Sport Pocock announces rugby retirement

11:51  23 october  2020
11:51  23 october  2020 Source:   wwos.nine.com.au

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Brumbies flanker David Pocock is expected to announce his pending retirement from Australian rugby on Tuesday before focusing on one last Speculation increased about Pocock ’s future last week, when Brumbies coach Dan McKellar alluded to ongoing discussions between his club and the

Pocock will announce his Australian domestic rugby retirement on Tuesday morning after it was decided to rule him out for the rest of the Super Rugby season. The 31-year-old, however, still hopes he can recover from a torn calf in time to play for the Wallabies at the World Cup after being limited to

Former Wallaby David Pocock has officially announced his retirement from professional rugby union.

Pocock, 32, represented the Wallabies on 83 occasions after making his debut for Australia back in 2008. He featured in three Rugby World Cups and played 112 games of Super Rugby between Brumbies and Western Force.

The openside flanker had retired from Test rugby at the end of the 2019 Rugby World Cup to focus on playing with Panasonic Wild Knights in Japan.

But on Friday he took to Instagram to confirm he wouldn't be returning to the Japanese competitions as he thanked his family and former teammates for helping him throughout his career.

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Pocock , 31, is set to make his 78th Test appearance for Australia in a clash against Samoa in But the flanker will end his Test career after the Rugby World Cup, which begins in Japan on 20 Pocock is the third Wallaby to announce his international retirement this week, joining Sekope Kepu and

David Pocock will retire from test rugby after the World Cup in Japan, ending an 11-year career for the Wallabies in which he starred on the field but also The 31-year-old flanker announced his retirement from Super Rugby 's ACT Brumbies in May and is expected to play rugby in Japan next year.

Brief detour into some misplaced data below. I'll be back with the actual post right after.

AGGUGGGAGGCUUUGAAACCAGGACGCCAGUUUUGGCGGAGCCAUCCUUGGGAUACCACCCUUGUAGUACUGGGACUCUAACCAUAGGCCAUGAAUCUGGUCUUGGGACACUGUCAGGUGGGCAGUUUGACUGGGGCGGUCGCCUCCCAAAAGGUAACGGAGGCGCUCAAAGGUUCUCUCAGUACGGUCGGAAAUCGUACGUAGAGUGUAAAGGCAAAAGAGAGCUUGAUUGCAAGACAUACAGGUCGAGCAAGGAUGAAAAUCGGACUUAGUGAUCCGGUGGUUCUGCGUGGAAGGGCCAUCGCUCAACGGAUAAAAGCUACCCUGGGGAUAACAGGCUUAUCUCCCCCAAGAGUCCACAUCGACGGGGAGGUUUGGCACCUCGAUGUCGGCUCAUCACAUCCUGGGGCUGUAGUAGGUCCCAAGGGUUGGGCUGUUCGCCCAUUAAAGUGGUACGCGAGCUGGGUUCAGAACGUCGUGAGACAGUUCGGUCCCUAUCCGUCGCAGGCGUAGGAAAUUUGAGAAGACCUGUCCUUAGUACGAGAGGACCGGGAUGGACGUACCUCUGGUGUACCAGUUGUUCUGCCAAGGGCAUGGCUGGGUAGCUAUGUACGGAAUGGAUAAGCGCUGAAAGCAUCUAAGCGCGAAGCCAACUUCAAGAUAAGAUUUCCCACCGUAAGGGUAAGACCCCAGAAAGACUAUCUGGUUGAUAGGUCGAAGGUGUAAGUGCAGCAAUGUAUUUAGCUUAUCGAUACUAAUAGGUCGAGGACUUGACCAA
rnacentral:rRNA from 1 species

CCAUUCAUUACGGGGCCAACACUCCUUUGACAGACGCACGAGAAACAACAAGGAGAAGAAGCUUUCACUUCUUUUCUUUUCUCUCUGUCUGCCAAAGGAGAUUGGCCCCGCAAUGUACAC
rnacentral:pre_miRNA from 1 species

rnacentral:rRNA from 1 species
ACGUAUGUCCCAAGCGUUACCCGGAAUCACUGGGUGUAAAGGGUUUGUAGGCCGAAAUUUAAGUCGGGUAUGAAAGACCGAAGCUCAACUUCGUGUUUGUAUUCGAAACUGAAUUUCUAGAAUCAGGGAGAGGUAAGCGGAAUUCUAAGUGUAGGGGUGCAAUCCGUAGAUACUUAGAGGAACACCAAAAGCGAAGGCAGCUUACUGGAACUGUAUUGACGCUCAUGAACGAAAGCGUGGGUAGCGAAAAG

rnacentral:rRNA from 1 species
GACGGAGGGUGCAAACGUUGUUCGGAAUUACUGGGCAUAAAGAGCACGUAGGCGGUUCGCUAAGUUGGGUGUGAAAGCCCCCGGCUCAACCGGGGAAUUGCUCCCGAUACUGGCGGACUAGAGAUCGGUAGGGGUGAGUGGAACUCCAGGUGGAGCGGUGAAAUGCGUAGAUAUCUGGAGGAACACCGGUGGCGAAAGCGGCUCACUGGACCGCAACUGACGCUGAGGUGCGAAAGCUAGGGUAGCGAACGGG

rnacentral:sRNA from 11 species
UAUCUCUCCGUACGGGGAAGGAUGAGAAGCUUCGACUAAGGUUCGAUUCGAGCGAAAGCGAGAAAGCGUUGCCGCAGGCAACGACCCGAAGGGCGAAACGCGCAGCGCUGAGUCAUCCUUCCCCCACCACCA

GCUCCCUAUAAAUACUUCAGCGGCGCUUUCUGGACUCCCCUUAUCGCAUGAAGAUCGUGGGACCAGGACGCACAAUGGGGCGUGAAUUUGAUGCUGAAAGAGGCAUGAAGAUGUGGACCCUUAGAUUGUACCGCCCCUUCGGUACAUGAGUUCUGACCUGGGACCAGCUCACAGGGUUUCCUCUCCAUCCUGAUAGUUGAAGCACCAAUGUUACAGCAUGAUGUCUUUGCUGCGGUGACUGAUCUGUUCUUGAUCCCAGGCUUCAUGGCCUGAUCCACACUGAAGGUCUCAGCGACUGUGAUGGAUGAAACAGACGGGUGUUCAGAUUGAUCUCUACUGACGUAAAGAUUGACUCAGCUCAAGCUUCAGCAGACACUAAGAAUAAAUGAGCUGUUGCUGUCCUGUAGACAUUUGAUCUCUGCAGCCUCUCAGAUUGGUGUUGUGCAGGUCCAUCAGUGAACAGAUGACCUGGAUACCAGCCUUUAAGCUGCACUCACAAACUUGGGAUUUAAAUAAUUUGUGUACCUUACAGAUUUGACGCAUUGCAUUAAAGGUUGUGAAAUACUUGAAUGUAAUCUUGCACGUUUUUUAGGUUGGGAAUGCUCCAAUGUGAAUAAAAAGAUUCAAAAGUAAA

David Pocock smiling for the camera © Getty David Pocock

"Feels like the right time to retire from rugby," he wrote on Instagram.

"Thank you all for the support over the years! As a kid growing up in Gweru, Zimbabwe, it was my dream to play rugby and win a Rugby World Cup.

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"I'm so grateful to have all the opportunities I've had! I'd like to thank my family for their love and support and the sacrifices they made for me over the years. Thank you.

"Rugby has given me so much opportunity. From a start at the Western Force to my years at the ACT Brumbies and the Panasonic Wild Knights. I'm so grateful for the community each of those clubs provided me and the skills I was able to develop.


"It's been a huge privilege to represent Australia. As a migrant I was always so aware of the way it reflected something of the best of the Australian spirit, bringing so many cultures together, and I tried not to take that for granted.

"It's really exciting now to see the next generation of Wallabies stepping up.

"I'd also like to thank all the coaches, medical staff and administrators who've made my career possible.

"The biggest thanks, though, goes to all the teammates I've played alongside."

A glimpse into rugby's green and gold future .
Imagine it’s 10pm on November 7, 2020. The Wallabies, after years of either coming close or getting blown away by their Anzac cousins, have recaptured the Bledisloe Cup. Under the expert stewardship of Dave Rennie and renewed leadership of Michael Hooper, a team has given the Kiwis a lesson in playing fast, accurate and clinical rugby.

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